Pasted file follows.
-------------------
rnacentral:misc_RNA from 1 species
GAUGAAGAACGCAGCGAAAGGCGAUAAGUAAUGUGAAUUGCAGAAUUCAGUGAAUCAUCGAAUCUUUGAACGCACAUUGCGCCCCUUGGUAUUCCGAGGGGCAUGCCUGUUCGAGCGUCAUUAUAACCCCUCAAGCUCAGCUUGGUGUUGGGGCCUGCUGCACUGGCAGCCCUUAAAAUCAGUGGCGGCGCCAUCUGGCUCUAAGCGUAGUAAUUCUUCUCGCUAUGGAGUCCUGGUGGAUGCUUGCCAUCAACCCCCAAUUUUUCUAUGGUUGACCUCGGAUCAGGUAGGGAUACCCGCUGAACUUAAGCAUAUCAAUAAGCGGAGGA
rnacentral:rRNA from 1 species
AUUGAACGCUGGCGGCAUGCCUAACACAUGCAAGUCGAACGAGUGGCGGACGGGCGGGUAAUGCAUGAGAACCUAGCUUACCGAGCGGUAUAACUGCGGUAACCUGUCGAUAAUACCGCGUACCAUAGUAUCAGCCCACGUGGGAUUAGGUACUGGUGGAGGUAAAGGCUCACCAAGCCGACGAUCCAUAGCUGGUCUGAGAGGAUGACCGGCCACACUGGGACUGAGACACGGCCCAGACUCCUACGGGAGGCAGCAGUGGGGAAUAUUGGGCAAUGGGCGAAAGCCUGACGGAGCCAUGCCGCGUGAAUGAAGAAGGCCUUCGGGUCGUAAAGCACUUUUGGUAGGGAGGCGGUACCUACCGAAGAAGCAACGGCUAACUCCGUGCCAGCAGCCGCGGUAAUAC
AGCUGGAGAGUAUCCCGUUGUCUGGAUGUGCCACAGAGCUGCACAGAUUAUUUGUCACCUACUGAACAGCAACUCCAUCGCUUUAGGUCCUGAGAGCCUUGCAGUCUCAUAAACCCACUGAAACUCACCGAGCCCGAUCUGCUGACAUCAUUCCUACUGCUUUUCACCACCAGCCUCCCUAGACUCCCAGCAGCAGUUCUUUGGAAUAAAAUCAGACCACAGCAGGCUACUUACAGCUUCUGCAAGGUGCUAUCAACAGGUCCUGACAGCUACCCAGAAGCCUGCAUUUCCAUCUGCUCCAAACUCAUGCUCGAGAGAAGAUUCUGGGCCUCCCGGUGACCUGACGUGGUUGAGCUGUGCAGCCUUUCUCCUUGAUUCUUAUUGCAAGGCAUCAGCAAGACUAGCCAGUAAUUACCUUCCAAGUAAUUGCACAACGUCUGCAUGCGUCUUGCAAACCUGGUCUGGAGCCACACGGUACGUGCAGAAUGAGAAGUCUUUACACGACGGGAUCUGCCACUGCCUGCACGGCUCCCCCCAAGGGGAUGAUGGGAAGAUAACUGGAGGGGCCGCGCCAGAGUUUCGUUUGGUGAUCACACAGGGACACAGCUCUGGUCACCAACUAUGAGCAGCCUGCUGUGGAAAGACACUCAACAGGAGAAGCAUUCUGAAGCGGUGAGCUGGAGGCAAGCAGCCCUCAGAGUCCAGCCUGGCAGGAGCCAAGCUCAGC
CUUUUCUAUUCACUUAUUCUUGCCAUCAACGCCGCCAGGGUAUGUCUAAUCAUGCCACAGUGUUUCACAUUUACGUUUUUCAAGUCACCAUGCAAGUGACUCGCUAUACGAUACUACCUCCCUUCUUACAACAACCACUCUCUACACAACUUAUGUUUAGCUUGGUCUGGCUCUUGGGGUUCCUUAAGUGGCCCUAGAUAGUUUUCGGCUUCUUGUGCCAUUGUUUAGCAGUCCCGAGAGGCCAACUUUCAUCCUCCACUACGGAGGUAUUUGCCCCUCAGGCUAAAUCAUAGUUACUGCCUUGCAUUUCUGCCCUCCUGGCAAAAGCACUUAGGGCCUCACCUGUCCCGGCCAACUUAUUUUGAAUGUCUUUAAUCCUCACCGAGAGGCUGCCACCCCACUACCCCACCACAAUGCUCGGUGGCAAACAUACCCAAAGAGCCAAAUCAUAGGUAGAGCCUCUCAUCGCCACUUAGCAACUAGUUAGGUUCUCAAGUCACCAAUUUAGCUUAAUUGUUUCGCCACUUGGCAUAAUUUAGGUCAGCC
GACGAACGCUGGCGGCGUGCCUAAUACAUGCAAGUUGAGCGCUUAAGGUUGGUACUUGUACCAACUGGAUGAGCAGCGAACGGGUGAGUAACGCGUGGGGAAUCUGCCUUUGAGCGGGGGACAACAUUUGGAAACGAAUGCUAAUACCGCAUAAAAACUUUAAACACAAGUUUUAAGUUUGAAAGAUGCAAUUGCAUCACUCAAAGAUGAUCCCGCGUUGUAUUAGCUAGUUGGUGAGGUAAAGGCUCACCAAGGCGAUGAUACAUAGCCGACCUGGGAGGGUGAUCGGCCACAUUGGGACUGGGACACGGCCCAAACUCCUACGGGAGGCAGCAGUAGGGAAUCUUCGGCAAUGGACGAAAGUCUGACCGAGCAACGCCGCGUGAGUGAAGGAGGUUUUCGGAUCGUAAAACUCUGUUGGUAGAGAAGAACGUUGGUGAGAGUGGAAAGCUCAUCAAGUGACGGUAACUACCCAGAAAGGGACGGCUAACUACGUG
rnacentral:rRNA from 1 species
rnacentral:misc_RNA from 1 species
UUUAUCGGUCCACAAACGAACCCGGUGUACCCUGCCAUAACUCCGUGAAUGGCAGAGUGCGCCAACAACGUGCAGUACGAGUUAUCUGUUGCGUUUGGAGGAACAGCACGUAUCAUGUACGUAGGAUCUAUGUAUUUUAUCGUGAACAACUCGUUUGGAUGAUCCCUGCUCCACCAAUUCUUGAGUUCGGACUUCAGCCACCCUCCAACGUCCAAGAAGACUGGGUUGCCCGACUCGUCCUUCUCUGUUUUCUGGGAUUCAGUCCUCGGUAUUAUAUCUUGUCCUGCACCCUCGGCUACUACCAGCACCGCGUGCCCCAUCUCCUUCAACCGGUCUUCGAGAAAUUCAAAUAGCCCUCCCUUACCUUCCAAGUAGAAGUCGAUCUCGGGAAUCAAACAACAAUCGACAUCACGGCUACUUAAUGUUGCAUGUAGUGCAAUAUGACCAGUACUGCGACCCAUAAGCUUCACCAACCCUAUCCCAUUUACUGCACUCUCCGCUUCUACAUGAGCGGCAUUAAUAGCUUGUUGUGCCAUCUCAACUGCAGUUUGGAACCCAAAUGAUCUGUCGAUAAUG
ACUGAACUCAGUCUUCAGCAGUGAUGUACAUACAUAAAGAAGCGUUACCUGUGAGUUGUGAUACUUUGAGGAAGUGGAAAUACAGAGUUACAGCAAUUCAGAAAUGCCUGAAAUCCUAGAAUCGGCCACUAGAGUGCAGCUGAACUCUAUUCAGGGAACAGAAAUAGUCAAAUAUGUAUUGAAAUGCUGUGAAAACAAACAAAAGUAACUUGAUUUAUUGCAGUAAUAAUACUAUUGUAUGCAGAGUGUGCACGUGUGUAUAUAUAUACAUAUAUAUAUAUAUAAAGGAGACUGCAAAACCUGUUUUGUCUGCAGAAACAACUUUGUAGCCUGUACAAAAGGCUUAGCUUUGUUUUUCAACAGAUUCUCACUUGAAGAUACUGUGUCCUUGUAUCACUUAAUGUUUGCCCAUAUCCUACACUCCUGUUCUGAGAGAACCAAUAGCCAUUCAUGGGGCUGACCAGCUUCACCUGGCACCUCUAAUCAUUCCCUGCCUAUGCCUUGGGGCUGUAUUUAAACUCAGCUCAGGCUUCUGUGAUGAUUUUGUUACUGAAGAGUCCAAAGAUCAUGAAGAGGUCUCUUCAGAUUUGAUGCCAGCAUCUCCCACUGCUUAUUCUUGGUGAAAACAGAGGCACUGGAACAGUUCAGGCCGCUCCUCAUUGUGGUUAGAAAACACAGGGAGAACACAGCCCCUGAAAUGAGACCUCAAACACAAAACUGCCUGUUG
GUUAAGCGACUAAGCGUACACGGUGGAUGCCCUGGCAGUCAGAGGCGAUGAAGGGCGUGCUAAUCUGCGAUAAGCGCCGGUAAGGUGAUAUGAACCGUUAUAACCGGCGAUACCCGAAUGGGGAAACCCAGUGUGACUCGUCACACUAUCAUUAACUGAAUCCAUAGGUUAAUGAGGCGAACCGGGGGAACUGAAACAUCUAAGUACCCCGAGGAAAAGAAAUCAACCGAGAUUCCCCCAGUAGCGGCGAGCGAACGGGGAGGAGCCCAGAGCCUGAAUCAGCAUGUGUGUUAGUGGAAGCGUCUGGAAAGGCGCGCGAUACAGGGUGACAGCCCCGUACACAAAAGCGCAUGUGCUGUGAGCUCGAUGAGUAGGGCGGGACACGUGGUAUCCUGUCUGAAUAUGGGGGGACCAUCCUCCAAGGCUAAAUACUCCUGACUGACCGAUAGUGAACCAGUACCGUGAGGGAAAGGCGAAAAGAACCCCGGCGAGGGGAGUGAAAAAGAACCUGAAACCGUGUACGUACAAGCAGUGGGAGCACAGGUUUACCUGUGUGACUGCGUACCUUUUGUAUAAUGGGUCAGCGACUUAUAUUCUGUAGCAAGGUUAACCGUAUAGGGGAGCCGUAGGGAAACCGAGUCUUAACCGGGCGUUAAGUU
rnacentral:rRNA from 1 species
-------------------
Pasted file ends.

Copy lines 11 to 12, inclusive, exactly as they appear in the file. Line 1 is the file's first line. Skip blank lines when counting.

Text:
ACUGAACUCAGUCUUCAGCAGUGAUGUACAUACAUAAAGAAGCGUUACCUGUGAGUUGUGAUACUUUGAGGAAGUGGAAAUACAGAGUUACAGCAAUUCAGAAAUGCCUGAAAUCCUAGAAUCGGCCACUAGAGUGCAGCUGAACUCUAUUCAGGGAACAGAAAUAGUCAAAUAUGUAUUGAAAUGCUGUGAAAACAAACAAAAGUAACUUGAUUUAUUGCAGUAAUAAUACUAUUGUAUGCAGAGUGUGCACGUGUGUAUAUAUAUACAUAUAUAUAUAUAUAAAGGAGACUGCAAAACCUGUUUUGUCUGCAGAAACAACUUUGUAGCCUGUACAAAAGGCUUAGCUUUGUUUUUCAACAGAUUCUCACUUGAAGAUACUGUGUCCUUGUAUCACUUAAUGUUUGCCCAUAUCCUACACUCCUGUUCUGAGAGAACCAAUAGCCAUUCAUGGGGCUGACCAGCUUCACCUGGCACCUCUAAUCAUUCCCUGCCUAUGCCUUGGGGCUGUAUUUAAACUCAGCUCAGGCUUCUGUGAUGAUUUUGUUACUGAAGAGUCCAAAGAUCAUGAAGAGGUCUCUUCAGAUUUGAUGCCAGCAUCUCCCACUGCUUAUUCUUGGUGAAAACAGAGGCACUGGAACAGUUCAGGCCGCUCCUCAUUGUGGUUAGAAAACACAGGGAGAACACAGCCCCUGAAAUGAGACCUCAAACACAAAACUGCCUGUUG
GUUAAGCGACUAAGCGUACACGGUGGAUGCCCUGGCAGUCAGAGGCGAUGAAGGGCGUGCUAAUCUGCGAUAAGCGCCGGUAAGGUGAUAUGAACCGUUAUAACCGGCGAUACCCGAAUGGGGAAACCCAGUGUGACUCGUCACACUAUCAUUAACUGAAUCCAUAGGUUAAUGAGGCGAACCGGGGGAACUGAAACAUCUAAGUACCCCGAGGAAAAGAAAUCAACCGAGAUUCCCCCAGUAGCGGCGAGCGAACGGGGAGGAGCCCAGAGCCUGAAUCAGCAUGUGUGUUAGUGGAAGCGUCUGGAAAGGCGCGCGAUACAGGGUGACAGCCCCGUACACAAAAGCGCAUGUGCUGUGAGCUCGAUGAGUAGGGCGGGACACGUGGUAUCCUGUCUGAAUAUGGGGGGACCAUCCUCCAAGGCUAAAUACUCCUGACUGACCGAUAGUGAACCAGUACCGUGAGGGAAAGGCGAAAAGAACCCCGGCGAGGGGAGUGAAAAAGAACCUGAAACCGUGUACGUACAAGCAGUGGGAGCACAGGUUUACCUGUGUGACUGCGUACCUUUUGUAUAAUGGGUCAGCGACUUAUAUUCUGUAGCAAGGUUAACCGUAUAGGGGAGCCGUAGGGAAACCGAGUCUUAACCGGGCGUUAAGUU